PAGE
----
A Mexico City District court last week accepted requests by environmentalists to suspend implementation of a regulatory change that would allow up to 10% ethanol in automotive gasoline in Mexico. As Mexico Business Blog reported in July and August, Mexico’s Energy Regulatory Commission (CRE) published modifications to the country’s fuel quality standard, NOM-016-CRE-2016, in June permitting the increase in ethanol content. Environmental groups oppose the change arguing it will worsen air quality, and other groups with vested interests also raised objections. Last week’s granting of an injunction suspending the rule change for the moment reverts the NOM back to its previous language permitting up to 5.8% ethanol content, although ethanol-mixed gasoline is not currently sold in Mexican gas stations. In the wake of the latest injunction, both the CRE and its adversaries on the topic have a number of legal maneuvers open to them but local analysts are opining that the issue will remain tied up in the courts at least until next year.
Information collected from media reports over the last month:
- Candy: U.S.-based food processing giant Mondelez reported investment of US$133 million in its confectionery plant in the southeastern state of Puebla over the past three years. Resources helped expand production by 40% of chewing gum for brands such as Trident, Clorets and Bubbaloo. (El Financiero, August 31, 2017)
- Petroleum: Australian mining and oil multinational BHP Billiton plans investment of approximately US$700 million in Mexico oil exploration, principally in the Gulf of Mexico, the company reported. BHP Billiton won rights to explore Gulf oilfields in a Mexican government tender last year. (El Financiero, August 31, 2017)
- Industrial parks: A consortium of Chinese and Mexican investors including Holley Group, Futon Group and the Santos family began construction of an industrial park in the northeastern state of Nuevo León, local media reported. Investment of US$50 – 60 million is estimated for an initial phase of the facility, which investors project will attract up to 100 Chinese companies over the first 10 years of operation. (Expansión, August 25, 2017)
- Food processing: Mexican industrial baking giant Grupo Bimbo plans to construct a major new distribution center in Mexico City, the company reported. The US$128 million site is planned to be LEED Gold certified and make use of wind-generated electricity. (Aristegui Noticias, August 29, 2017)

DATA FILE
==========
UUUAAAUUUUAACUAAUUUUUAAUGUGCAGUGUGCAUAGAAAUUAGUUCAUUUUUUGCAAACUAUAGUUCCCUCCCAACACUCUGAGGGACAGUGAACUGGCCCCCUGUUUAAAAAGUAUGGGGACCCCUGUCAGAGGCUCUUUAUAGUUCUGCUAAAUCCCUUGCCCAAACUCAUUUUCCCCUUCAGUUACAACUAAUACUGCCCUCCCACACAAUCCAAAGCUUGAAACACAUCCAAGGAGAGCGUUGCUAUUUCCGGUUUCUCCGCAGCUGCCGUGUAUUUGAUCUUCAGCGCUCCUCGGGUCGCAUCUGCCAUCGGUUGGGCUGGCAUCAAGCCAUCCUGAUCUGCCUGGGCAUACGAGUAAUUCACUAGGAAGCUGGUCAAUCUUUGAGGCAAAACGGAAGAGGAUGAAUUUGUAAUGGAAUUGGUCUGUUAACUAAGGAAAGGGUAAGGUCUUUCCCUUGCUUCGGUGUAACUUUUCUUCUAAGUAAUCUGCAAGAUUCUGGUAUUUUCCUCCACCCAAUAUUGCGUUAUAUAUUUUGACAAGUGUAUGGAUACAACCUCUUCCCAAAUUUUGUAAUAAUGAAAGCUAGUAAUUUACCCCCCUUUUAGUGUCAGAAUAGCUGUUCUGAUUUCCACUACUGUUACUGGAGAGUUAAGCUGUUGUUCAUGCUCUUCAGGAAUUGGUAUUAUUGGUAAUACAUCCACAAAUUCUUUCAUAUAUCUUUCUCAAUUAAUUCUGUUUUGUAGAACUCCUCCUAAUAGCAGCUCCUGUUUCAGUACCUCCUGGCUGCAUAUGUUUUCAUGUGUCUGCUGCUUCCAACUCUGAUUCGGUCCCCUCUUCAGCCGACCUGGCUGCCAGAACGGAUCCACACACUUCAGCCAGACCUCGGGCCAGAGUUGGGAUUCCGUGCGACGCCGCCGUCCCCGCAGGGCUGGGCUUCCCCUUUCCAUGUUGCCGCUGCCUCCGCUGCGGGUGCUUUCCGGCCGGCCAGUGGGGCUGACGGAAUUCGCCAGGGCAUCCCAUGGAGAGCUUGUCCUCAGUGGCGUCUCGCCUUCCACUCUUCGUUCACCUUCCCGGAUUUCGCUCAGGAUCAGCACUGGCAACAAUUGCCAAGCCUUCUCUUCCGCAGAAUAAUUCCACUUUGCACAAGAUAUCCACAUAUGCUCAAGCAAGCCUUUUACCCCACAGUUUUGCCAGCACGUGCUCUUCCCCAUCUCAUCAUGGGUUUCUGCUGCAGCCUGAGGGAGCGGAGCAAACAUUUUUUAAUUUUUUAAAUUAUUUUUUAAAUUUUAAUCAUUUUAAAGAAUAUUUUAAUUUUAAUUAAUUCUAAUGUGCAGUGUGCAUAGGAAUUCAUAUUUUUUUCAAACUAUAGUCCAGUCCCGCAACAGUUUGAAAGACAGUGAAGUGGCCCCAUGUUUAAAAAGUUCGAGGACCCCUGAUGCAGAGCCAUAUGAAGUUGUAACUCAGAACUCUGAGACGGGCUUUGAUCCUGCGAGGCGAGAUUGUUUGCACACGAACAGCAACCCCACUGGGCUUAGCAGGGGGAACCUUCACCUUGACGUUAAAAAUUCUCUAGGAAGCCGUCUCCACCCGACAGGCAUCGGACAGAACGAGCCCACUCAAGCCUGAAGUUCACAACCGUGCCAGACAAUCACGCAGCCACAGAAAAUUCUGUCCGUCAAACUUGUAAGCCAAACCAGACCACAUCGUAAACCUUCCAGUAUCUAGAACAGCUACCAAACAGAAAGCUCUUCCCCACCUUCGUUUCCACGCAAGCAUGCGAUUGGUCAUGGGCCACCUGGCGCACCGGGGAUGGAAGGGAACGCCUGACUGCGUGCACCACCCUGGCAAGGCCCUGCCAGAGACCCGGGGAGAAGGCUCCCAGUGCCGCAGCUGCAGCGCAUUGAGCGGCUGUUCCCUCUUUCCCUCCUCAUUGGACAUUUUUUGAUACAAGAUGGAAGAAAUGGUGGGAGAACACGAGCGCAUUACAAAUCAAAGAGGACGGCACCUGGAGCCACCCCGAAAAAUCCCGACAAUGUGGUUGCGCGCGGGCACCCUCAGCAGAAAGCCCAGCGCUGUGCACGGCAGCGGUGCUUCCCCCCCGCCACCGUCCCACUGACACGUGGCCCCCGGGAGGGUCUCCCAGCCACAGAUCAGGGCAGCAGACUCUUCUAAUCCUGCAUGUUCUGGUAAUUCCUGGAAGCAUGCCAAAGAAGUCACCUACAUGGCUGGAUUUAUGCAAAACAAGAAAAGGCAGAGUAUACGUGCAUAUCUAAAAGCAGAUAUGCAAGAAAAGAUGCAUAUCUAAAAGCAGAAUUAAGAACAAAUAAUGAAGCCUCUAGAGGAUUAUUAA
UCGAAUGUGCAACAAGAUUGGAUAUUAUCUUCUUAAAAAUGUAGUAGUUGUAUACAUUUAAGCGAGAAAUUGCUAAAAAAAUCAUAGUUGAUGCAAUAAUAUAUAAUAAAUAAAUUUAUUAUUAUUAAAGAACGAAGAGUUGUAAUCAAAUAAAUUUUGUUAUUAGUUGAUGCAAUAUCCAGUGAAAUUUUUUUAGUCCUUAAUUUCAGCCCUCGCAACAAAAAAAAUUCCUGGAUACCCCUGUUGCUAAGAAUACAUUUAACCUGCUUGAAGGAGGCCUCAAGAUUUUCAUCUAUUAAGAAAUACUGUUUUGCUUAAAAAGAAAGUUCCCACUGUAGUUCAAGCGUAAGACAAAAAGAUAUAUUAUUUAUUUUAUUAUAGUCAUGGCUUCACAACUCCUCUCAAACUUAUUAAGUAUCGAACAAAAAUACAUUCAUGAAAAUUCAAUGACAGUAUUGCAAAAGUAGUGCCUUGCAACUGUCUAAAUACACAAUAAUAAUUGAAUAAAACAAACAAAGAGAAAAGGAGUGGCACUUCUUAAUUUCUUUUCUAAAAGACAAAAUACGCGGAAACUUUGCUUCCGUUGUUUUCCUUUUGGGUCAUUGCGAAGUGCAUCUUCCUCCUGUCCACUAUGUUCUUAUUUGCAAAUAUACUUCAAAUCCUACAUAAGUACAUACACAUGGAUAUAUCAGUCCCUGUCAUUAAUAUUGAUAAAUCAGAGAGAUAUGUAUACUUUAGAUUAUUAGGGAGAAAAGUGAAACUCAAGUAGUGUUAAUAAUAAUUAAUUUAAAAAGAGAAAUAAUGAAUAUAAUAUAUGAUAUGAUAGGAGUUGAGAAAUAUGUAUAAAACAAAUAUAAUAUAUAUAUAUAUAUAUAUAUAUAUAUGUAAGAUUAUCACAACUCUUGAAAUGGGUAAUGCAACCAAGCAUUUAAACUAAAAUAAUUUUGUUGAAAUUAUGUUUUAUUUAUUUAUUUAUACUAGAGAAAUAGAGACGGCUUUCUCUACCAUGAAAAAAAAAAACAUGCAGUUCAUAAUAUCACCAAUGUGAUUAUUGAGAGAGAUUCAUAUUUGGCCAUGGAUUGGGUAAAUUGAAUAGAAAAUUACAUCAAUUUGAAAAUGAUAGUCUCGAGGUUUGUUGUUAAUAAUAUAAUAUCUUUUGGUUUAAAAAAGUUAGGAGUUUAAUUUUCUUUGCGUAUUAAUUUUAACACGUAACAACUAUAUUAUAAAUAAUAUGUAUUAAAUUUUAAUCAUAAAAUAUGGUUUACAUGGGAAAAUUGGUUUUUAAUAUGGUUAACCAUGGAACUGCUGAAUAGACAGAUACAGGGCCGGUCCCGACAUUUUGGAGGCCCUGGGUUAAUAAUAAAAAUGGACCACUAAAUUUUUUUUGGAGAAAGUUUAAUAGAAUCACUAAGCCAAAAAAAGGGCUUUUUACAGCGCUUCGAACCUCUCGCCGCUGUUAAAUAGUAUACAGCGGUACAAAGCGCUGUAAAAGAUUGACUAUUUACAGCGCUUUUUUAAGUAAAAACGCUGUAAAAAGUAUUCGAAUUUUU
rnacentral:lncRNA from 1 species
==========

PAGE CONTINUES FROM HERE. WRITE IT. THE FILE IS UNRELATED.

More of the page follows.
- Gym equipment: Taiwanese-owned fitness equipment brand Matrix Fitness will invest US$3.5 million in a push to expand its participation in the Mexican market, the company reported. Matrix seeks to expand its market share from 5% to 30% by partnering with sports center chains such as Sport City and Smart Fit. (El Financiero, August 25, 2017) Continue reading Recent and upcoming investment in Mexico
Local media are reporting this week that multiple requests for injunctions have been filed before Mexican courts to suspend the changes to NOM-016-CRE-2016, which regulates gasoline quality in the country. As we posted last month, Mexico’s Energy Regulatory Commission (CRE) updated the NOM in June to allow up to 10% ethanol content (E10) in automotive gasoline, provoking high fives in the ethanol industry and rending of garments among environmental groups. Apparently the latest injunction request was filed by Gabriel Quadri – environmental consultant, erstwhile presidential candidate and ajonjolí de todos los moles medioambientales – who noted that other individuals and civil society organizations also have filed injunction requests (other sources cited the Mexican Center for Environmental Law (Cemda) and Consumer Power (EPC) as having filed prior injunction requests). Quadri’s legal filing demands specifically that national oil company Petroleos Mexicanos (Pemex) and other oil companies be prohibited from selling ethanol-blended fuel in the country, according to the reports in multiple media.
As per local custom, details on the whole affair are fuzzier than a baby hedgehog. The reports say a response from Mexico City’s Administrative Tribunal is expected next week, but we will not be holding our breath on that one. Nonetheless, considering that the CRE requested and received an exemption to the requirement of submitting a Regulatory Impact Statement (MIR) from the Federal Regulatory Improvement Commission (Cofemer) in order to increase the permitted ethanol content, one would think there could be grounds for granting the injunction. Quadri and other injunction-seekers are calling for a systematic process of scientific and technical analysis of the environmental and health impacts of E10 gas before any changes are approved to the NOM. We will continue to report on this topic as further information becomes available.